select specif ic
select cam era ic on
cam era - t hum bnails

generat e video
out put

view cam era out put prom pt f or


in labelled window anot her view

exit t h is
f u n ct io n

see
an o t h er
cam er a

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Flow--Oriented Modeling
Flow
Represents how data objects are transformed at they
move through the system
A data flow diagram (DFD) is the diagrammatic form that
is used
Considered by many to be an ‘old school’ approach, flow-
flow-
oriented modeling continues to provide a view of the
system that is unique—
unique—it should be used to supplement
other analysis model elements

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The Flow Model
Every computer-
computer-based system is an
information transform ....

computer
input based output
system

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Flow Modeling Notation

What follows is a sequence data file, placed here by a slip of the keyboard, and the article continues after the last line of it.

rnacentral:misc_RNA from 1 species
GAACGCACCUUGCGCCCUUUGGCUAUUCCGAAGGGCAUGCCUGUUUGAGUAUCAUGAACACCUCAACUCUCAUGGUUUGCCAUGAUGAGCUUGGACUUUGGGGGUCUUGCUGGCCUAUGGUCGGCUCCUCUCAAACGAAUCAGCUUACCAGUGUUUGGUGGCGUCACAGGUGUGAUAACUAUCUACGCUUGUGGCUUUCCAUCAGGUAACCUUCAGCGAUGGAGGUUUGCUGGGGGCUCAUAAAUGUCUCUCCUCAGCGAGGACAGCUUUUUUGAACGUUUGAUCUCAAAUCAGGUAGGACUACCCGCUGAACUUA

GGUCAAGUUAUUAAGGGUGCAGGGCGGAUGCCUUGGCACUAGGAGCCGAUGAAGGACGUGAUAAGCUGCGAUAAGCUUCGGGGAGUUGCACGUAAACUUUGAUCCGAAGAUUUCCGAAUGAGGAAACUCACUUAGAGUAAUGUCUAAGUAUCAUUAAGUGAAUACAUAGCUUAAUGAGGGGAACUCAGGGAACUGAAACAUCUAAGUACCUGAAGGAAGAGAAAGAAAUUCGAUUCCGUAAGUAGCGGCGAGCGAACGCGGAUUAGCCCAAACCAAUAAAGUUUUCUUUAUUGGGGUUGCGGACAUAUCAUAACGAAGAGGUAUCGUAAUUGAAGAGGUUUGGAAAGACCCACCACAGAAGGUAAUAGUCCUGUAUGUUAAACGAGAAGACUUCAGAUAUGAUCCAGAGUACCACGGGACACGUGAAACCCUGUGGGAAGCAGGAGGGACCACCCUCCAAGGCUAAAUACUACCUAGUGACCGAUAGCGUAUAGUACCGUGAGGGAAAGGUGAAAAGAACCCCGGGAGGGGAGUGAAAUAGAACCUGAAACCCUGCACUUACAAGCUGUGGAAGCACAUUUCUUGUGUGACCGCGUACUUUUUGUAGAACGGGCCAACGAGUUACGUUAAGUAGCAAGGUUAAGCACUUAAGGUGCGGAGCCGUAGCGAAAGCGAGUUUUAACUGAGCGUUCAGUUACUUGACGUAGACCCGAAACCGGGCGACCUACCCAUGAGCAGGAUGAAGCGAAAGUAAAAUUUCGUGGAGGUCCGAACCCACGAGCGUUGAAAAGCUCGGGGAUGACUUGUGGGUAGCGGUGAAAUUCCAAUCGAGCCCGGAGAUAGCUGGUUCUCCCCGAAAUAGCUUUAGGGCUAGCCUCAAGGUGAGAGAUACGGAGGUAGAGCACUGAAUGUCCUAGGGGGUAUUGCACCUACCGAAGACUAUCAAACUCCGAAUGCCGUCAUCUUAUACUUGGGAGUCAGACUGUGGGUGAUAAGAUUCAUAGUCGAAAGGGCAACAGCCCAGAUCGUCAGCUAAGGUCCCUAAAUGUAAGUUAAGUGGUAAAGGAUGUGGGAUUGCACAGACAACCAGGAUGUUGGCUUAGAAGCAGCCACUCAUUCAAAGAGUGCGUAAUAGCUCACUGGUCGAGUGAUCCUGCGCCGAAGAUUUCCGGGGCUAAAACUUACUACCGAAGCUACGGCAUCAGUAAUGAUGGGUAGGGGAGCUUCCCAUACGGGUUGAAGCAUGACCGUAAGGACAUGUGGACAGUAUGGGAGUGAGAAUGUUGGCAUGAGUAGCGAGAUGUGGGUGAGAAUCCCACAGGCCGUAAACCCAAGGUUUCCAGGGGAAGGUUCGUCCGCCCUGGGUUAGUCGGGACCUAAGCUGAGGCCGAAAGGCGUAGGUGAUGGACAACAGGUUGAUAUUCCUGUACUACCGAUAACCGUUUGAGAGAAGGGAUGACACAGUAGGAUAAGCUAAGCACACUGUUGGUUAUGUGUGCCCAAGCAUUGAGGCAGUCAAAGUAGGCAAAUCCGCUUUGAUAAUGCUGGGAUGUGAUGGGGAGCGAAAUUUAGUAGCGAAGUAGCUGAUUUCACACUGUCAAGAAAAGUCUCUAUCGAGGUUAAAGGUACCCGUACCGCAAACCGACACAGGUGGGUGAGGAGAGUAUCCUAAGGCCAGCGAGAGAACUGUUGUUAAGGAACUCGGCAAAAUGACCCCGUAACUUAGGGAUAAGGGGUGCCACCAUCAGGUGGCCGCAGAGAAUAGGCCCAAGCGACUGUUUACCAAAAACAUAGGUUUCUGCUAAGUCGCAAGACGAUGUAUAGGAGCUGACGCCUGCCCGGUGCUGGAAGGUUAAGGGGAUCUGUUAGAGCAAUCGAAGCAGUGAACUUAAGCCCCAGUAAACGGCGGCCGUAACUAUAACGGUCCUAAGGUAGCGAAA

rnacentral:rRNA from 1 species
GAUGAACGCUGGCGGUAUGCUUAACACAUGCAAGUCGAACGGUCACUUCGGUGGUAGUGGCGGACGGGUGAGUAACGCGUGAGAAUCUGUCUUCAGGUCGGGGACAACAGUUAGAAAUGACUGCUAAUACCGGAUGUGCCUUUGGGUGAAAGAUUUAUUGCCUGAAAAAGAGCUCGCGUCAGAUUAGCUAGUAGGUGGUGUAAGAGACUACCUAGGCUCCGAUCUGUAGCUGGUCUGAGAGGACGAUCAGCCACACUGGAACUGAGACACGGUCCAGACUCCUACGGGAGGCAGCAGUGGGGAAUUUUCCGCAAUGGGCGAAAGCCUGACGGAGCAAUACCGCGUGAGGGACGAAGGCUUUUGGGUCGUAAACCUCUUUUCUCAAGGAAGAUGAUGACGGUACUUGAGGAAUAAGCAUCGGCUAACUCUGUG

external entity

process

data flow

data store

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External Entity

A producer or consumer of data

Examples: a person, a device, a sensor


Another example: computer-
computer-based
system
Data must always originate somewhere
and must always be sent to something

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Process
A data transformer (changes input
to output)

Examples: compute taxes, determine area,


format report, display graph
Data must always be processed in some
way to achieve system function

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Data Flow